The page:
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Salvos Stores: Our Century-Old 'Circular Economy' Story

04/19/2022

Now, as you’ll no doubt know, not every item of clothing goes straight down the manufacturer to consumer to landfill pipeline – sometimes they end up in second-hand stores like ours here at Salvos Stores.

Since the late 19th century, The Salvation Army has been, through a range of different avenues, collecting, sorting, and recycling used clothing and fabric. The first Salvation Army recycling depots opened in Australia in the 1880s, operating with the dual purpose of recycling used goods and providing employment, supplies, and support to those who needed it the most.

For example, at The Anchorage Hostel in Abbotsford, Victoria, items were repaired, sorted and reprocessed and sold to help with running costs. The Anchorage also operated a ‘rag-picking’ department, where scraps of clothing and fabric would be repurposed into new garments, used to upholster furniture, or woven into mats that would be used by Melbourne businesses. Other recycling methods that also took place at Salvation Army depots and centres included wastepaper recycling and ‘jumble sales’, which were essentially early versions of the op shops. In fact, all of these initiatives embody what we would now refer to as ‘circular economy thinking’ – the idea that clothes (and other used items) should be reused, recycled, repurposed, repaired, and reimagined for as long as possible, rather than becoming waste after just a couple of wears.

At The Salvation Army, and particularly Salvos Stores, the circular economy model – whether it was called that or not – has always been at the heart of what we do and how we do it, but it has never been more important than it is today as the fashion industry finds itself in dire need of a sustainable ‘revolution’.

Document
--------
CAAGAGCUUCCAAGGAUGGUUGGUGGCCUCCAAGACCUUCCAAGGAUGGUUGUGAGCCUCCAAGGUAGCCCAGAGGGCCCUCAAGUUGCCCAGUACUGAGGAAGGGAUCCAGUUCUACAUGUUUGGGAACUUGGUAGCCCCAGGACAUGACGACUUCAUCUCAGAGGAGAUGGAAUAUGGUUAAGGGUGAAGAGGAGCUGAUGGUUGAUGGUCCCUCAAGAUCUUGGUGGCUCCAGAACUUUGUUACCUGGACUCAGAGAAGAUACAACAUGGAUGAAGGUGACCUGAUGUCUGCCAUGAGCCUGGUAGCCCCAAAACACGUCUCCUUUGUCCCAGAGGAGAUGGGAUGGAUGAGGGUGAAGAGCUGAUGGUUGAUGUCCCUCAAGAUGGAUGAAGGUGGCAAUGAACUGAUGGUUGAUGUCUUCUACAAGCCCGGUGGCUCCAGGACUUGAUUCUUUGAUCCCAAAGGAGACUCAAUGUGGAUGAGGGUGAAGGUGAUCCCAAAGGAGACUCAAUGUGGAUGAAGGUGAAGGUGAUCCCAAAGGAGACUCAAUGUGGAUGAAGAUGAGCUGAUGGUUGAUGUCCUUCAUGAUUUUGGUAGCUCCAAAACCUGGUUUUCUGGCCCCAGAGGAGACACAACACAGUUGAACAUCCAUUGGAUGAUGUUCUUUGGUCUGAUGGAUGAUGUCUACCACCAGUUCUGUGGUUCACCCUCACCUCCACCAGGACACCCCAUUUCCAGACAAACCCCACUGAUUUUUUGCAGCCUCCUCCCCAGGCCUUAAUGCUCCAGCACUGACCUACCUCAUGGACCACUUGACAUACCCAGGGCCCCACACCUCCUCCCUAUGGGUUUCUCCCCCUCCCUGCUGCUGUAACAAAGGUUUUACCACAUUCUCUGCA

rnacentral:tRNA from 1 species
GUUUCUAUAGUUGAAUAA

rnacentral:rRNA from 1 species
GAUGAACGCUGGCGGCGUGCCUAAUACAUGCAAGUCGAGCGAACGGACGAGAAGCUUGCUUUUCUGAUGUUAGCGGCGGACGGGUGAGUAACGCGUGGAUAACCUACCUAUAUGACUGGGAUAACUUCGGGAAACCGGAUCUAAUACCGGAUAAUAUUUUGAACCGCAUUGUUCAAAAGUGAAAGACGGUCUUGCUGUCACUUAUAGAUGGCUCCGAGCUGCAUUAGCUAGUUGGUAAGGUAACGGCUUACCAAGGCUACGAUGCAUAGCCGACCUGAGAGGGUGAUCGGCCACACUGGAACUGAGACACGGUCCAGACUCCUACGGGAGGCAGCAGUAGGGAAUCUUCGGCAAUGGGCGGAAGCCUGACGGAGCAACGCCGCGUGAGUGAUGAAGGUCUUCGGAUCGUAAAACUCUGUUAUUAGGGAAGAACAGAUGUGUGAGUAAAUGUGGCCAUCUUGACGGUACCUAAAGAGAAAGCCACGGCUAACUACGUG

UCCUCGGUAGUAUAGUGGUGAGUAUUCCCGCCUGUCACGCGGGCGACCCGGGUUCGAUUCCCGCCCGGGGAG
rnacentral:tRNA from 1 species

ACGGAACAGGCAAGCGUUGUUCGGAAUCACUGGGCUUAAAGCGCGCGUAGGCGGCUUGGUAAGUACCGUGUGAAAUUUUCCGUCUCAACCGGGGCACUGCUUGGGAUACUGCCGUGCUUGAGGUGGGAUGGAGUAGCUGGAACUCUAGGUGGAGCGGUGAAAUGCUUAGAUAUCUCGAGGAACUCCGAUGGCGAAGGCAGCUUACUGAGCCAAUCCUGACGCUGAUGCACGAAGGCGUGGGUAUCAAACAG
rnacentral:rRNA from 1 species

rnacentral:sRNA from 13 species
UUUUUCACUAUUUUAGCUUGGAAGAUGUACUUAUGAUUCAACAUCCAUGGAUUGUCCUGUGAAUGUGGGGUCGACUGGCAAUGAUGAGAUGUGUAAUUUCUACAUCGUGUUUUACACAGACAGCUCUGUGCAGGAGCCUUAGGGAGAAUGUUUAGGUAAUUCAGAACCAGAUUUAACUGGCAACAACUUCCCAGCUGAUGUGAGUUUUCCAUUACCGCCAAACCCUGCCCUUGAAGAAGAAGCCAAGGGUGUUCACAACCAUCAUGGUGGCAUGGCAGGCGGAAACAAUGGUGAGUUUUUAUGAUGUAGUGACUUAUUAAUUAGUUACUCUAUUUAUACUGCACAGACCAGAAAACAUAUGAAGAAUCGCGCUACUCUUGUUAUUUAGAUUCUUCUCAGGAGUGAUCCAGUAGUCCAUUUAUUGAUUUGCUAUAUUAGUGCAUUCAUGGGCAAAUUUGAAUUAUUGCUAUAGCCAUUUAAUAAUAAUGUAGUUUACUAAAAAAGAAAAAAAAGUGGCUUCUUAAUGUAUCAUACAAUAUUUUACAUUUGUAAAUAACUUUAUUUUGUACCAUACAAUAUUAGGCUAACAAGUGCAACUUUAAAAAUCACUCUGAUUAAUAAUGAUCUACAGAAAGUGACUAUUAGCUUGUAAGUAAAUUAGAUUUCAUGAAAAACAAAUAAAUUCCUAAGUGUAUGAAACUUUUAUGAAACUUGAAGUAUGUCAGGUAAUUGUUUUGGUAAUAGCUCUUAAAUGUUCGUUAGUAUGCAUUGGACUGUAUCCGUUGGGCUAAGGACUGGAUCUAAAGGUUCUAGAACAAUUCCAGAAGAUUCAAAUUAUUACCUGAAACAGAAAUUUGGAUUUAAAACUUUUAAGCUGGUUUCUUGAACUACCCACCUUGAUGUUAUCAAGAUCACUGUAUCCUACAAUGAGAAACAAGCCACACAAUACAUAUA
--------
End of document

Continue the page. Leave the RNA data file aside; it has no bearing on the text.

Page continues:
Today, Salvos Stores remain committed to using circular economy thinking to achieve the complementary goals of promoting sustainable shopping practices, minimising our environmental impact, and providing community support and services.

Each year, more than 40 million items are diverted from landfill through the resale and recycling undertaken by our stores, and in the past 25 years this has accumulated into 575 million kilograms of textiles, electronics, and home goods that would have otherwise become waste. In addition to receiving, sorting, and reselling donated goods in-store and online, our stores also have processes in place to recycle items like rags, paper and cardboard, e-waste, batteries, mobile phones, and printer cartridges. Every item or garment that gets resold or recycled in a Salvos store not only gets given a new life,  but becomes one more thing that doesn’t need to be produced by the fast fashion industry. Furthermore, every time you choose to purchase clothing second-hand instead of new you are contributing to the fashion revolution yourself by directing your ‘purchasing power’ towards sustainability and simultaneously lessening the demand for fast fashion.

The role of customers in the circular economy is vital, which is one of the many reasons why we believe in keeping our community at the forefront of everything we do. After all, we couldn’t have saved even one harbour bridge worth of ‘waste’ from landfill without our customers trusting us with their donations and shopping in our stores.  

We hope that you have enjoyed getting to know a little bit more about how Salvos are involved in the movement against unsustainable fashion! As we have explored in this post, Salvos Stores has, with the support of our customers and volunteers, been redistributing and recycling clothing for decades. However, as the damage that is being done by the fashion industry every day makes abundantly clear, there is so much more to be done, and thus we remain dedicated to finding new ways to improve our environmental impact.

Although it is important to look back at how far we’ve come, the Fashion Revolution is really about all of us committing to, in whatever capacity we can, contribute to a better, fairer, more sustainable fashion future. This is what we are committing to this Fashion Revolution Week 2022, and we hope you’ll join us both this week and beyond as we work to put it into action.  

diversity

Wherever there is hardship or injustice, Salvos will live, love and fight alongside others, to transform Australia one life at a time with the love of Jesus

Through our commitment to reconciliation, The Salvation Army acknowledges the First Nations peoples of Australia as the traditional custodians of this land. We further acknowledge and pay our respects to past and present Elders, giving thanks for their wisdom that has sustained their people since the beginning of time, and we pledge to support emerging and future generations